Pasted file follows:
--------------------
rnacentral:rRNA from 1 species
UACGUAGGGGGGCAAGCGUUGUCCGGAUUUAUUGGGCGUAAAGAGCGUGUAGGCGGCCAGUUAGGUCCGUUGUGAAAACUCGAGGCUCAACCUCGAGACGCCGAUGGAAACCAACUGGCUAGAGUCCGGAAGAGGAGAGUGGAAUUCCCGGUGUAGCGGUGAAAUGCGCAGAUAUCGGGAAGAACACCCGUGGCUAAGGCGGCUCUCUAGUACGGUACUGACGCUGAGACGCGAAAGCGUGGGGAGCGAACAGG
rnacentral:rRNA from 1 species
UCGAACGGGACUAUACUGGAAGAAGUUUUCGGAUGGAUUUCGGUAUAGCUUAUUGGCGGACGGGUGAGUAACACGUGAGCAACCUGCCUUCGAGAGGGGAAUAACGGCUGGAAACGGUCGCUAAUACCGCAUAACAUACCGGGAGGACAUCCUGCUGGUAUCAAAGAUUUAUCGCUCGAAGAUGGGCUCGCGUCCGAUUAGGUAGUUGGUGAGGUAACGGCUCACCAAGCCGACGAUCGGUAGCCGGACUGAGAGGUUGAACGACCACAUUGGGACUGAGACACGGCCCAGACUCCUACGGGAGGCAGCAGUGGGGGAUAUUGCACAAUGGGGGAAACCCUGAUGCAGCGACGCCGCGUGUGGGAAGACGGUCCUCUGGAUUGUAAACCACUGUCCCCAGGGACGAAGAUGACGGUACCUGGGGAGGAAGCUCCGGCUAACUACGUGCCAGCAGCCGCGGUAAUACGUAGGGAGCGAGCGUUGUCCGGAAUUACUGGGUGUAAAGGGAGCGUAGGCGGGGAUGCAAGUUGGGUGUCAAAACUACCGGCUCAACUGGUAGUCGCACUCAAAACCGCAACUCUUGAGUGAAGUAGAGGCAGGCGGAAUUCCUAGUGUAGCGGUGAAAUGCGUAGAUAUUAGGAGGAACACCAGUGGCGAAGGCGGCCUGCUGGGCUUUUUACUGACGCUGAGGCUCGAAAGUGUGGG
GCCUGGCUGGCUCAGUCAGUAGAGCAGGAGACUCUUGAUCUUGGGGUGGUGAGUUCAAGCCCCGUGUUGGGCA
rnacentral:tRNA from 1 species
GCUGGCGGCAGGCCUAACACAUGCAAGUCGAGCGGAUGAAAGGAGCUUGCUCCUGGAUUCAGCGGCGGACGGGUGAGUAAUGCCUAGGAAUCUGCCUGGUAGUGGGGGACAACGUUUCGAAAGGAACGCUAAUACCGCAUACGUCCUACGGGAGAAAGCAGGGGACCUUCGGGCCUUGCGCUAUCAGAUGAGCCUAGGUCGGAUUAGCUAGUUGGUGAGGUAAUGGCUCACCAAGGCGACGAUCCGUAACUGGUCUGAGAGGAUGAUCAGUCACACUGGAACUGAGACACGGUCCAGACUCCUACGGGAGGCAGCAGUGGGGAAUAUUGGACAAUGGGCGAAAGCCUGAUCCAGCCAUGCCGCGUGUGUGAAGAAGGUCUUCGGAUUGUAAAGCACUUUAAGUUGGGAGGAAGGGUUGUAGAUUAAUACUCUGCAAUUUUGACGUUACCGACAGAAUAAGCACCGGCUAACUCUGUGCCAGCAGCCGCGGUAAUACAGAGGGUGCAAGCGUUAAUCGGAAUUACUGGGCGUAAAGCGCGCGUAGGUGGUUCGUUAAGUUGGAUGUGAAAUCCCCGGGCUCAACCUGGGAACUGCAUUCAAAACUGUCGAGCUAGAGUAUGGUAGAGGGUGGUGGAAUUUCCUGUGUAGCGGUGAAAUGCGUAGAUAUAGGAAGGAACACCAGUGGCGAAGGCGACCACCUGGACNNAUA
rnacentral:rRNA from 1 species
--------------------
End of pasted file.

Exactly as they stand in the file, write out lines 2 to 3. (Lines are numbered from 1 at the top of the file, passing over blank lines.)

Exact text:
UACGUAGGGGGGCAAGCGUUGUCCGGAUUUAUUGGGCGUAAAGAGCGUGUAGGCGGCCAGUUAGGUCCGUUGUGAAAACUCGAGGCUCAACCUCGAGACGCCGAUGGAAACCAACUGGCUAGAGUCCGGAAGAGGAGAGUGGAAUUCCCGGUGUAGCGGUGAAAUGCGCAGAUAUCGGGAAGAACACCCGUGGCUAAGGCGGCUCUCUAGUACGGUACUGACGCUGAGACGCGAAAGCGUGGGGAGCGAACAGG
rnacentral:rRNA from 1 species